It is widely acknowledged that the current practices of chemical agriculture have contributed to the decimation of key beneficial creatures (including fungi and bacteria) in the soil that facilitate mineral delivery to plants/crops. Farming practices, such as excessive use of inorganic fertilizers, can cause nutrient imbalances and lower pest resistance. It is imperative to re-establish the microbial balance of soils, thereby also restoring the potential of critically important services that are provided by mobilizing this hidden underground force. In addition, cultural methods such as crop fertilization can affect susceptibility of plants to insect pests by altering plant tissue nutrient levels. Research shows that the ability of a crop plant to resist or tolerate insect pests and diseases is correlated to optimal physical, chemical and mainly biological properties of soils. Soils with high organic matter and active soil biology generally exhibit good soil fertility, which may be correlated to lower abundance of several insect herbivores. The use of specific microbe antagonists, which stimulate plant growth and/or are natural enemies of pathogens, allows a considerable decrease in the use of agrochemicals that are now being used for plant growth and control of diseases. Illuminating our understanding of the underlying effects of how plant health is improved by associations with beneficial soil rhizo-microbes may lead us to new and better integrated pest management and integrated soil fertility management designs. This is urgently needed if we are to sustain food security of the most vulnerable groups of society indefinitely.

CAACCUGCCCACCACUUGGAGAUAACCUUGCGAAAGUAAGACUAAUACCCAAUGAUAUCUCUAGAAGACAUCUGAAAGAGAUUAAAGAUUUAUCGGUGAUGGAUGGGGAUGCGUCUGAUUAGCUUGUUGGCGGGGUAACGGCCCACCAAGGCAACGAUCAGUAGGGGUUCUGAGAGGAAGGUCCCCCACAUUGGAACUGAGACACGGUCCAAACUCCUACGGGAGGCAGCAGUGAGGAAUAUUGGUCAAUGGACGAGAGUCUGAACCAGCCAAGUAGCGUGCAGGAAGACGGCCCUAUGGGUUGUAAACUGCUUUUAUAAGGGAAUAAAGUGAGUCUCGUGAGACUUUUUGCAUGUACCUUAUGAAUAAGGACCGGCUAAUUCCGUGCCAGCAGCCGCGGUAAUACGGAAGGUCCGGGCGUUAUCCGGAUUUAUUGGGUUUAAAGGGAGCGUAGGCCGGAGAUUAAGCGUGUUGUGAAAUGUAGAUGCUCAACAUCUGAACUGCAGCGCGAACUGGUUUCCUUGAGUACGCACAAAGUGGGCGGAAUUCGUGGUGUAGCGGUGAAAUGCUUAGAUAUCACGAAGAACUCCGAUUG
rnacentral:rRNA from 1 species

Hydroponics and Greenhouse Production
The production of crops in a soilless system in a structure where climatic variables can be controlled will be important for future food security. The production of a variety of crops including vegetables such as tomatoes, cucumbers, peppers and flowers such as tulips are being studied. The main research focus is looking at crop nutrition and irrigation and the effect of nutrient solutions on yield and quality of crops. Studies into alternative growing mediums are also being conducted as well as trellising and pruning systems for different crops. As a big advantage of growing crops in a greenhouse is the ability to control the climate, the effect of variable climatic factors on production is also studied including the use of artificial lighting such as LED technology. Novel systems such as vertical growing systems, aeroponics and aquaponics are also being evaluated and optimized for commercial application.
Potato Production Systems
Research is being conducted on novel methods of seed potato production. To increase the number of first generation seed potatoes hydroponic cultivation methods including aeroponics is being employed in potato production. These systems still needs optimization and therefore trials with different cultivars, using different planting methods and fertilisation practices are being evaluated. Post-harvest losses can result in big financial losses for potato producers so studies are also conducted on cultivation practices aimed at improving tuber quality. Ca has been identified as a key component to ensure tuber quality and application methods, timing of application and sources are still being evaluated. The role of other minerals is still being investigated.